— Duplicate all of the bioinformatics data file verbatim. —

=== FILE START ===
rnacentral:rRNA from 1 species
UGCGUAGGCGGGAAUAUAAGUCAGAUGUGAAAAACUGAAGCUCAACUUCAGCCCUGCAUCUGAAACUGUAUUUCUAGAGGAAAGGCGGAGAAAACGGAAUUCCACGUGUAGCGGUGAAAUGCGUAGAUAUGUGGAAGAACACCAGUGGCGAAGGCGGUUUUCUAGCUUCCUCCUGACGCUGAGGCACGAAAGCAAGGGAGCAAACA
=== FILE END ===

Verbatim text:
rnacentral:rRNA from 1 species
UGCGUAGGCGGGAAUAUAAGUCAGAUGUGAAAAACUGAAGCUCAACUUCAGCCCUGCAUCUGAAACUGUAUUUCUAGAGGAAAGGCGGAGAAAACGGAAUUCCACGUGUAGCGGUGAAAUGCGUAGAUAUGUGGAAGAACACCAGUGGCGAAGGCGGUUUUCUAGCUUCCUCCUGACGCUGAGGCACGAAAGCAAGGGAGCAAACA